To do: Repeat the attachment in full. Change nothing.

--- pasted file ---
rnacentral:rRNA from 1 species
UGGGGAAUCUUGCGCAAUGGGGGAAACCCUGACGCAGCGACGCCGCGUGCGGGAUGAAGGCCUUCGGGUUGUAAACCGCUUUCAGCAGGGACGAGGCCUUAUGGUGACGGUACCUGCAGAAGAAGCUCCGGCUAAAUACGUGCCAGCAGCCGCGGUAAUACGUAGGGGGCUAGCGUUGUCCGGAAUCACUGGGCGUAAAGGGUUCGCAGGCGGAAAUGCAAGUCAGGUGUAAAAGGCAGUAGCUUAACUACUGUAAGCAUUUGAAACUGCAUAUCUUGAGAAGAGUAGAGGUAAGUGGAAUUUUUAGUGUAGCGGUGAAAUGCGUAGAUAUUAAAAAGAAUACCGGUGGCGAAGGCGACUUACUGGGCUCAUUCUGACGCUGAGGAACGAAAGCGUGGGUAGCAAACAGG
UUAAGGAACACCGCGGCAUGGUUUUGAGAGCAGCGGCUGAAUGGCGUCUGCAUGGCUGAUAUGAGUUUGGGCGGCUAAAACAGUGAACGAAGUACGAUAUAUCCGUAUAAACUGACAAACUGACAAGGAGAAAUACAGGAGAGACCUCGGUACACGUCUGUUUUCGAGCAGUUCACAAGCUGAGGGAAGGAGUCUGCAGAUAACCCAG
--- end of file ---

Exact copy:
rnacentral:rRNA from 1 species
UGGGGAAUCUUGCGCAAUGGGGGAAACCCUGACGCAGCGACGCCGCGUGCGGGAUGAAGGCCUUCGGGUUGUAAACCGCUUUCAGCAGGGACGAGGCCUUAUGGUGACGGUACCUGCAGAAGAAGCUCCGGCUAAAUACGUGCCAGCAGCCGCGGUAAUACGUAGGGGGCUAGCGUUGUCCGGAAUCACUGGGCGUAAAGGGUUCGCAGGCGGAAAUGCAAGUCAGGUGUAAAAGGCAGUAGCUUAACUACUGUAAGCAUUUGAAACUGCAUAUCUUGAGAAGAGUAGAGGUAAGUGGAAUUUUUAGUGUAGCGGUGAAAUGCGUAGAUAUUAAAAAGAAUACCGGUGGCGAAGGCGACUUACUGGGCUCAUUCUGACGCUGAGGAACGAAAGCGUGGGUAGCAAACAGG
UUAAGGAACACCGCGGCAUGGUUUUGAGAGCAGCGGCUGAAUGGCGUCUGCAUGGCUGAUAUGAGUUUGGGCGGCUAAAACAGUGAACGAAGUACGAUAUAUCCGUAUAAACUGACAAACUGACAAGGAGAAAUACAGGAGAGACCUCGGUACACGUCUGUUUUCGAGCAGUUCACAAGCUGAGGGAAGGAGUCUGCAGAUAACCCAG